The Nabataeans used these mammoth rock formations as the natural equivalent of soaring cathedrals or pyramids. Surrounded by these massive rocks, you feel incredibly tiny, and awed.

Then, suddenly, the path ends, the vista opens up, and there is a grand monument carved into giant rock face. The effect is exactly as planned -- breathtaking. We were blown away.

This is the image most associated with Petra (a quick internet search will show you). Beyond this, there dozens of tombs and steps and hidden pathways over more than 260 square kms (100 square miles). Most visitors see only a portion of it, although it's also a very popular site for hikers and backpackers.

After the hike through the canyon*, we explored some of the area immediately after it, where there are tombs and carvings cut into the rock. I was tired, and I knew it was a 2-km walk back, plus the walk to the hotel. I had been up since 4:00, and I was really flagging. Allan wanted to try a more strenuous hike, and I convinced him that we could split up. He doesn't like to do that, but why should we curtail his activity or why should I push myself to exhaustion?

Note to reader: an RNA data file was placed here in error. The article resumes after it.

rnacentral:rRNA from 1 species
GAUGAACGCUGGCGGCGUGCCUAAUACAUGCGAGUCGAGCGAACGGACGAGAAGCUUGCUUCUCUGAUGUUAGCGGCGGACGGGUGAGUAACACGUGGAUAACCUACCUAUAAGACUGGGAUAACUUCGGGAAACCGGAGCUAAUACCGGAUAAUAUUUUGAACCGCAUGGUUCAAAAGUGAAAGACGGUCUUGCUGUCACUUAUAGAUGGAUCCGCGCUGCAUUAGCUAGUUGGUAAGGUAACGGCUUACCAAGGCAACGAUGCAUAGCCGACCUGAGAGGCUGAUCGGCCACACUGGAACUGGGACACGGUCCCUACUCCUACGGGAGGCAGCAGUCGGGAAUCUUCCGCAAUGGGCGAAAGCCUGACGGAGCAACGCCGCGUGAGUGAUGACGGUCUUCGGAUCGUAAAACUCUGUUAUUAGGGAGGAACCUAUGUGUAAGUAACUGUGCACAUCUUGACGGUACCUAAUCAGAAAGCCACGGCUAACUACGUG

[* It's not really a canyon, because it was not formed by water and wind erosion.]

The walk back was long enough, and the final portion was very sunny. (Great thing about Petra for us: shade!) I got back to the hotel drenched and tired, and was sleeping when Allan got back. He had a good hike with great views. He can tell us about it in comments.

We had dinner in the town, trying some Jordanian dishes, both with lamb. More on that tomorrow, for those who like the food portions of these entries.

Photos from Petra are here.

3 comments:

allan said...

My hike story will come later. Right, now, we are off for Petra, Day 2.

allan said...

The High Place of Sacrifice. After Laura and I split up, I went off in search of the trail. The beginning of the hike was not marked in any way, so it took awhile. The guide book said it was about a 45-minute hike to the top, which afforded spectacular views in all directions. The steps are mostly cut into the stone and in many places are not so much steps as an incline with some indentations to place your feet. After maybe five minutes of some very steep stairs, I was surprised to come across a small souvenir stand. (Much to my amazement, there would be several more all the way to the top. Beside one of them, was another tent where a few women were resting. There was a small grill with some burning embers beside them, which they must have used for cooking during the long day.)